I sadly missed the first two days of Fire In The Mountains, some highlights of which included: a lot of rain, music from Aerial Ruin, Velnias, and Falls of Rauros, black metal outlaws Wayfarer, psychedelic folk rocker Wovenhand, and some special acoustic campfire songs from Panopticon’s Austin Lunn.
Still, Sunday’s happenings were absolutely worth the terrifying drive through the Teton Pass in an ’80s campervan (don’t try that at home, kiddos). A fresh farm-to-festival meal kicked off the day’s revelry at around 2pm, which was as tasty and filling as it was sustainable. Unlike your typical festival situation, where different vendors provide food throughout the day, this was a traditional “everybody eats the same thing at the same time” dinner. While the fact that I may or may not have eaten an edible just before is clouding my memory, what I do remember about the food is that most of the buffet-style offerings were homegrown and home cooked, there were plenty of options available for those with special diets, and SO MUCH WATERMELON.
After the grub, the night’s ceremony commenced with Boise’s Infernal Coil, whose warped, grinding death metal meted face for miles around. Following were the rather unconventional Saddle of Southern Darkness. At first glance, they could’ve passed as an unassuming metal band, but instead, they surprised us with a set of punky bluegrass, which explained their bassist’s suave aesthetic.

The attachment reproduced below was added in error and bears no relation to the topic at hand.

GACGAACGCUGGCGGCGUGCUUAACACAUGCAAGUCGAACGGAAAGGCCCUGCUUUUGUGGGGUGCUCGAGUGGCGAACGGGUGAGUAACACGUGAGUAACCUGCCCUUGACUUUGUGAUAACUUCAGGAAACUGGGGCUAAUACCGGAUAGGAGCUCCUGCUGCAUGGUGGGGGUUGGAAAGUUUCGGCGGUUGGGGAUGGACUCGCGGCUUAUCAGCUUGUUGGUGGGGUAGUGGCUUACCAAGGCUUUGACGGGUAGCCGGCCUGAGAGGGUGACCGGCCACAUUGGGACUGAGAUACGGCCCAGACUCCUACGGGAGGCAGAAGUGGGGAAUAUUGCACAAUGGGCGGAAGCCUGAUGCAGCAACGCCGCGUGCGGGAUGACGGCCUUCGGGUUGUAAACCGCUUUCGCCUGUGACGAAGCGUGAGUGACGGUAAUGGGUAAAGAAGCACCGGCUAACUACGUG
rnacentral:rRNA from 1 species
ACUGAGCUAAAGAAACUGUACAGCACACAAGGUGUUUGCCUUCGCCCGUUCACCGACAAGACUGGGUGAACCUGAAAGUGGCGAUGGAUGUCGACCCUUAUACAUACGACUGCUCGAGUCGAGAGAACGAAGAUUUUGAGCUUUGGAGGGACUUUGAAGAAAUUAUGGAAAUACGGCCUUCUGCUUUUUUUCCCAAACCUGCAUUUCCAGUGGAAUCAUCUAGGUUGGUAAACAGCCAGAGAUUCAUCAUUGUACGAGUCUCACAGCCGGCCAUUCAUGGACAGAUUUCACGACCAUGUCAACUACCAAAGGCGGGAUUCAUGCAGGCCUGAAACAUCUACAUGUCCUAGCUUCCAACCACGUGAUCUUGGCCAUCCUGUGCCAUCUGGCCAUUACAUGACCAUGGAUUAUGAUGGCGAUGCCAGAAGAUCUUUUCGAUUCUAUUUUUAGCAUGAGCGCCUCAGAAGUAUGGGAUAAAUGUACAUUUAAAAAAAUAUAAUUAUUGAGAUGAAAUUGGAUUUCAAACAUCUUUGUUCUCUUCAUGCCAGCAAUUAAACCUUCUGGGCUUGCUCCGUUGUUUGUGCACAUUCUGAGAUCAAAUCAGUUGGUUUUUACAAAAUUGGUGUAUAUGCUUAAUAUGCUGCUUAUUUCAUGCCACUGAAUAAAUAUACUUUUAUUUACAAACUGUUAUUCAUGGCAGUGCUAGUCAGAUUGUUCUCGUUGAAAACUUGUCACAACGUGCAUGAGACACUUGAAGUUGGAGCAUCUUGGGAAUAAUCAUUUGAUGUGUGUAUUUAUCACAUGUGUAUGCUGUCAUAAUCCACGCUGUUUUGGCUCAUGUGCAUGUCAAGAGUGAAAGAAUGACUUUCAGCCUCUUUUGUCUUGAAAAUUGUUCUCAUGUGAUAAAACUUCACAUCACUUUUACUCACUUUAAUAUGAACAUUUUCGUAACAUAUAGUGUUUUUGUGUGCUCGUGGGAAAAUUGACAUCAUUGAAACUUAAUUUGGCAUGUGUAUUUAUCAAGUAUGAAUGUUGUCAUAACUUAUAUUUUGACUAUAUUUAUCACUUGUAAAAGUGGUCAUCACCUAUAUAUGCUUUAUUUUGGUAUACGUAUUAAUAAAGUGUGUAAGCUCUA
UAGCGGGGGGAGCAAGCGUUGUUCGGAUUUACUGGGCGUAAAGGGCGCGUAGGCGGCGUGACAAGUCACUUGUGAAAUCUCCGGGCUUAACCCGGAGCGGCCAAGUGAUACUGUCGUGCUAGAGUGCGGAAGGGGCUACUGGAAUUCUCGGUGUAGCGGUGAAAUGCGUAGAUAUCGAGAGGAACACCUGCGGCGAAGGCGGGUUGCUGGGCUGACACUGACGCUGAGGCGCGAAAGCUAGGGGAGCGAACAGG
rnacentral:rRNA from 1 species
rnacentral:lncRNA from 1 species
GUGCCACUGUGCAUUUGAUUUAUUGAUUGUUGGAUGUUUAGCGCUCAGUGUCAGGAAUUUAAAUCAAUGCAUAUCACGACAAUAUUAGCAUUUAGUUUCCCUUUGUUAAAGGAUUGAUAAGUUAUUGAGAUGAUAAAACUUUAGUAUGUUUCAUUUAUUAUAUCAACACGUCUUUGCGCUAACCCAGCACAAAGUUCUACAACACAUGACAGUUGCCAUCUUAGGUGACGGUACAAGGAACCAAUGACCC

The next band to take the stage, Woman Is The Earth, were a perfect fit for the scene. Their spiritual black metal echoed through the valley as they glorified the power of Mother Nature. Denver’s Dreadnought were similarly fitting for the environment, their pagan hymns breathing life into the air and bringing some much-needed goddess energy to the occasion. As the sun disappeared behind the craggy horizon, Krallice celebrated the transformation from day to night with intensity and aberration. Finally, headliners Panopticon brought the ritual to rest with vigor as chilly darkness swept over the landscape. A bonfire was lit in the background for attendees to thaw out and mingle in the mystical atmosphere before saying their goodbyes.